In 2003, I gathered my teammates from my high school, forming a local basketball team. It led me to establish the Jeddah United Sports Co., which eventually became the first accredited sports academy in Saudi Arabia. The Jeddah United and Riyadh United women’s teams have participated in sports exchanges around the globe. 

Saudi women began accomplishing their own milestones in sport. In 2008, Arwa Mutabagani was appointed the first female board member of the Saudi Equestrian Federation. Her daughter Dalma Malhas won a historic bronze medal at the Summer Youth Olympics in Singapore in 2010. 

In May 2012, I made it to the base camp of Mount Everest with 10 Saudi women headed by Princess Reema bint Bandar, the current Saudi ambassador to the US, in an effort to raise awareness of breast cancer and the importance of physical activity for prevention and treatment.

“The 22-year-old from Casablanca, tears in her eyes, ran a lap of honor waving her country’s flag handed to her from the crowd after a victory in 54.61 seconds, just outside the world record.”

From a story on the front page of Arab News, Aug. 10, 1984

And in June 2012, Saudi Arabia joined the rest of the world in sending female athletes to the London Summer Olympics: Wojdan Shaherkani participated in judo, and Sarah Attar ran the 800-meter sprint. Attar may have been the last runner, but she got a standing ovation from 80,000 people who cheered her across the finish line. 

Saudi Arabia’s ambitious Vision 2030 reform plan was announced on April 25, 2016. Among its strategic objectives of social and economic empowerment is the promotion of sports and physical activities. This includes increasing the proportion of individuals exercising to 40 percent from 13 percent; enabling Saudi athletes to achieve high performance in different sports; and expanding their exposure at international sporting games.




A page from the Arab News archive from Aug. 8, 1984.

In 2017, the Ministry of Education approved a physical education program for girls in public schools, and in 2018 women were allowed to attend sports events in stadiums, once strictly limited to men.

At the Rio de Janeiro Olympics, there were twice the number of Saudi female athletes, including Attar. Those Games also saw milestones for Arab and Muslim women: Sara Ahmed from Egypt became the first Arab female medalist in weightlifting when she won bronze; and fencer Ibtihaj Muhammad, who won bronze in the team saber event, was the first US athlete to compete in a hijab at the Games.

On May 3, 2017, the International Basketball Federation (FIBA) announced the lifting of its ban on players wearing the hijab, a significant move because it is through the FIBA basketball World Cup that nations qualify for the Olympic Games.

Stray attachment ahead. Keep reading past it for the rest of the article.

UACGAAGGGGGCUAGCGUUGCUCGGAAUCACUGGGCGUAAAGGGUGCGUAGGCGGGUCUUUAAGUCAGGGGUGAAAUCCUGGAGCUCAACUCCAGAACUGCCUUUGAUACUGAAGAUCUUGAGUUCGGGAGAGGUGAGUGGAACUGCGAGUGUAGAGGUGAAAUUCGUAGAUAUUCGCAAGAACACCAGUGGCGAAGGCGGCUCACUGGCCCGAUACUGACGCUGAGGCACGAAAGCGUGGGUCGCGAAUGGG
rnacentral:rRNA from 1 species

In March 2019, another milestone of inclusion took place in the Special Olympics in Abu Dhabi, when Saudi Arabia’s Special Olympians won 18 gold medals in various sports. For the girls’ basketball team, the Saudi Olympic Committee collaborated with the renowned Help Center, a non-profit organization that empowers, supports and trains girls and boys with intellectual disabilities. 

Jeddah United was tasked to recommend players who were not intellectually disabled, who were then integrated with athletes with intellectual disabilities to form the Saudi women’s unified basketball team. It was implemented according to the 4P concept: Public-Private-People-Partnership. The Saudi women’s unified basketball team made history, winning the only undefeated gold medal at the 2019 Special Olympics in Abu Dhabi. 

Later that year, Saudi women made a historic appearance at the sixth GCC (Gulf Cooperation Council) Games in Kuwait, participating in eight different games and winning two gold medals in fencing.

In the Ancient Olympic Games in Greece, athletes competed in one event: A foot race for men. Who could have imagined then the course of development leading to an Arab Muslim female runner winning gold at the 1984 Los Angeles Olympics?

Now, as we are unfortunately in lockdown due to the COVID-19 pandemic, and the 2020 Tokyo Olympics have been postponed along with many other sports events, we must maintain high spirits and look at the glass half full, with another extra year for preparation and training for 2021. May God protect humanity and the universe at large.

  • Lina K. Almaeena, a member of the Shoura Council, is co-founder of the Jeddah United Sports Co. and is on Forbes’ list of the 200 Most Powerful Arab Women.


’It’s all a lie’: hesitancy hampers vaccine drive in war-scarred Syrian area

’It’s all a lie’: hesitancy hampers vaccine drive in war-scarred Syrian area
Updated 5 min 22 sec ago

’It’s all a lie’: hesitancy hampers vaccine drive in war-scarred Syrian area

’It’s all a lie’: hesitancy hampers vaccine drive in war-scarred Syrian area
  • Consignment of 54,000 doses of AstraZeneca vaccine arrived in Idlib at April’s end, the first batch for opposition-held Syrian territory